Lice and viral aerosols

This month, I was to make a first-ever return to my birthplace.

Apart from reconnecting with relatives, I wanted to finally bring closure to a traumatic event that tormented me for years. It was there that I had my first experience under quarantine. That’s what’s so ironic about then and now. It wasn’t an action taken by informed guardianship or social responsibility. Instead, the isolation was the result of a primitive and inhumane standard of care.

It was October of 1990 and tension filled the air in the streets of Ukraine. We had just lived through the nuclear reactor explosion at Chernobyl, so the ubiquity of gas masks was a part of many of my memories. The current personal protective equipment deficit reminds me of those days.

Then we ‘hid’ from radiation. Now, we hide from viral aerosols.

Life was confusing, the USSR was collapsing and escapism ruled the world.  Like other new parents amidst a crisis, mine meandered away from answers when met with my endless questioning. As a precocious only child, I talked to strangers whenever possible and accepted our grim reality on condition that I could only ‘go on’ living through fantasy. I created imaginary worlds to find solace in and draw from to entertain myself and the adults around me.

One day as she was brushing my hair, my mother noticed a strange patch on my scalp. My grandma was a doctor, so through her connections I got to see a specialist the following day. They explained that it was an infection caused by the widespread lice/ human flea infestation common among kids at the time. They also confirmed that it was contagious, and ordered a hairless treatment under a strict quarantine. In true Soviet fashion, they didn’t explain the details to me. I knew something was wrong but had no idea what it would take to fix it.

My mother did not react well to the order. She cried and I felt responsible for her pain. As my father shaved off my hair that night, I sat firmly in the chair pleading with her to not be sad. Unprepared for a hospitalization, I thought we’d spend a few hours at a clinic and return home—a dose of medicine I was willing to endure.

The week flew by and next thing I knew we were there. Through minimal conversation, a nurse waiting outside proceeded to escort me in. When I realized my parents weren’t joining, something feral in me awoke. It felt like I was being abandoned; that my health problem deemed me unworthy of a family. What felt like an injustice, my grandma’s right to join [as a medical professional] over my parents angered and frightened me. As I got pulled inside, I watched my father quell my mother standing there in a puddle of her own tears.

This is where I’m going to live, I thought.

First, nurses showed me the shared dormitory. Then, they introduced me to my roommates. Each minute felt like an eternity as white walls caved in under the high ceilings. The most subtle of sounds traveled from corner to corner and private thoughts had the potential to be heard. As my legs moved, my mind floated.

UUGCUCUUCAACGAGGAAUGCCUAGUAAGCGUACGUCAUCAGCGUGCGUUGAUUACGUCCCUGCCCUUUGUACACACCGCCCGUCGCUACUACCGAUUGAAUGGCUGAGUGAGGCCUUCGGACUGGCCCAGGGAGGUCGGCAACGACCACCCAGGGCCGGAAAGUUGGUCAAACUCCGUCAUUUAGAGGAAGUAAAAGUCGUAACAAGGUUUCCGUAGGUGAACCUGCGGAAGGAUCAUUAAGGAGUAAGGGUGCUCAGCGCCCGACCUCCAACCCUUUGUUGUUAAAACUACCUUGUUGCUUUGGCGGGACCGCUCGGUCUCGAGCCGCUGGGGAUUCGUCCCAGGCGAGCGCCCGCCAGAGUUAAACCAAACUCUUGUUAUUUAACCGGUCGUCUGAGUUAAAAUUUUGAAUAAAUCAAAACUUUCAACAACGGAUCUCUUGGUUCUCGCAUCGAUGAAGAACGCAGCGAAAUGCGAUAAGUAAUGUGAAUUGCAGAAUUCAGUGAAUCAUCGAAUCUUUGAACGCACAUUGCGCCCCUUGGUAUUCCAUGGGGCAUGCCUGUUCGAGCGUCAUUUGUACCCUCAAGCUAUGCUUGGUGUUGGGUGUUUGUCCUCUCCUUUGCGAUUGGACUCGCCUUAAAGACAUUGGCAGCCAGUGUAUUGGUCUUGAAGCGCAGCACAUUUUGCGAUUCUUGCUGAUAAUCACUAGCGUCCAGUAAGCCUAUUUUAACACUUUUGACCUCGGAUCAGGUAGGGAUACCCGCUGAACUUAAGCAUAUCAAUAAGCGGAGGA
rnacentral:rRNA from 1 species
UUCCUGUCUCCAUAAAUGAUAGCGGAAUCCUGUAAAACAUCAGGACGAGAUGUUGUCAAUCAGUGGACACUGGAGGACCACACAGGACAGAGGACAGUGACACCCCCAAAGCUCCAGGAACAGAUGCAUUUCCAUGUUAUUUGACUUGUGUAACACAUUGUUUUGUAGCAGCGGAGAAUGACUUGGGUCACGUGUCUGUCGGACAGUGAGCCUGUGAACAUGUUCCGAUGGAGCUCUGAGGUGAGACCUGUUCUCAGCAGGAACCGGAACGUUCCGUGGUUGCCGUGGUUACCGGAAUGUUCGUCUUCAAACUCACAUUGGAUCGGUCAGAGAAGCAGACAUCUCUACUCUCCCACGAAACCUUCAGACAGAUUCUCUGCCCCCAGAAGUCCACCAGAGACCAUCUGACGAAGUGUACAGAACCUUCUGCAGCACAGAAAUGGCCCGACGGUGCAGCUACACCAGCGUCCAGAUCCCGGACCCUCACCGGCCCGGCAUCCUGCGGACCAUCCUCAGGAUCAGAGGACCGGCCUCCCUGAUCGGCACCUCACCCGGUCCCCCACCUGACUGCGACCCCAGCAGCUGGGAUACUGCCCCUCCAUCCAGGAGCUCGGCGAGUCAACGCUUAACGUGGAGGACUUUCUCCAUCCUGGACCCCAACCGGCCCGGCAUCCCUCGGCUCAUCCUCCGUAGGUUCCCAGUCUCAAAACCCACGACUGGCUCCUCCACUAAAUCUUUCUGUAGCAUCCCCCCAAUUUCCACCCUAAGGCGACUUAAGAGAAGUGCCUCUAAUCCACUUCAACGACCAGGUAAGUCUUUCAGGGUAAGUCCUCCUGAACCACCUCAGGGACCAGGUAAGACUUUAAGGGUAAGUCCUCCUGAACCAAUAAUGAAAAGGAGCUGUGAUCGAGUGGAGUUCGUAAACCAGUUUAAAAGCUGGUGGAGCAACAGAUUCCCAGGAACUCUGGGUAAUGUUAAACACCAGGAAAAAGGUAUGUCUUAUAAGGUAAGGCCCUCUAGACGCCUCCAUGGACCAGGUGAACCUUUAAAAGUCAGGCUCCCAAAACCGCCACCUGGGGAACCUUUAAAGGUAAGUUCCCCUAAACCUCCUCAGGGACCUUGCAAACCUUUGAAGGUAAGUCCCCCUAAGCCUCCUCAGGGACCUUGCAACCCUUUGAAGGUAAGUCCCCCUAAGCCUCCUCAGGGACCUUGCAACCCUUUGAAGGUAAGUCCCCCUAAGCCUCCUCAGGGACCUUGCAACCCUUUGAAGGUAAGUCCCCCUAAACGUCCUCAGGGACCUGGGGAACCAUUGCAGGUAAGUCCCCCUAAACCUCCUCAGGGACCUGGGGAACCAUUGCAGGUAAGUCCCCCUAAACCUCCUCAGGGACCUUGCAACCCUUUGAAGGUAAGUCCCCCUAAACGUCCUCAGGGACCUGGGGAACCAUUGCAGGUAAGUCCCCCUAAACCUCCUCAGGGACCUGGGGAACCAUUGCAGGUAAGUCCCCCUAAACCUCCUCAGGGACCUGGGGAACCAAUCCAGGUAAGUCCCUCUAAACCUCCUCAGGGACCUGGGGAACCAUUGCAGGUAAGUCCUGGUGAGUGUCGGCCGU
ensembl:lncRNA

Eye blink, heart beat, step forward. Repeat.

The mood was restless and desperate. Echoing cries were the soundscape of daily life. The energy was dark, unforgiving and cold to the bone. Every few days, a flaming torch was used to burn the infection off my scalp while I laid atop a sterile steel table. It hurt so bad that in the beginning I cried. Once I sensed that this frustrated the doctor and delayed the process, I bucked up. By week two I was slightly cringing at the pain, and by week three I’d slip into a dream state and feel no pain at all.

How quickly kids adapt to torture.

The hospital doubled as an orphanage for children with chronic conditions, and some of my roomies were victims of the AIDS epidemic whose heroin-addicted parents passed away shortly prior. Determining who had living parents and who did not was of primary import to these residents. Those claiming at least one parent enjoyed a higher rank among the group, so right away, I knew I was dealt a fine hand of cards. Bed-making disobedience never ended well so we helped one another avoid disciplinary action. I bonded with a girl who’d, through our cafeteria window, often point to a shanty in the distance. She said her mother lived there ‘eating her own snot,’ and that soon enough she would return for her. Something told me she would not, so I promised to take care of her.

Much like life in prison, we were shut off from the outside world and visits were rare and tightly controlled. Two weeks into my stay, a shocking visit from my parents thawed some of my cold inner hardness. After interacting through an indoor glass window for an hour, we separated and again I found myself torn between hope and despair.

No one could say if and when this would come to an end.

This treatment took three weeks during which I developed survival tendencies that evolved into both personal strengths and deep flaws in character. Some of these were abusive behavior patterns that are taking years to unlearn while honoring the uniquely special set of skills I also gained. Despite how traumatizing it was, this quarantine pales by comparison with the unfolding tragedy we face today.

I don’t feel imprisoned or abandoned the way I did then, as this experience is packed with opportunities. In rediscovering the loving inner voice that gets muffled by constant processing of social interactions, I’ve resumed creative projects and embarked on small wellness journeys — both of which I failed to make time for pre-pandemic. I also postponed my return to Ukraine to next year and I am so glad it worked out this way.

Through a new frame of reference to capture the experience in words, closure will be that much more meaningful. Had I not had this chance for reflection, perhaps I wouldn’t have been ready to physically face and make peace with the memory.

Alas, even through crisis, the universe shows us connections we were too preoccupied to see.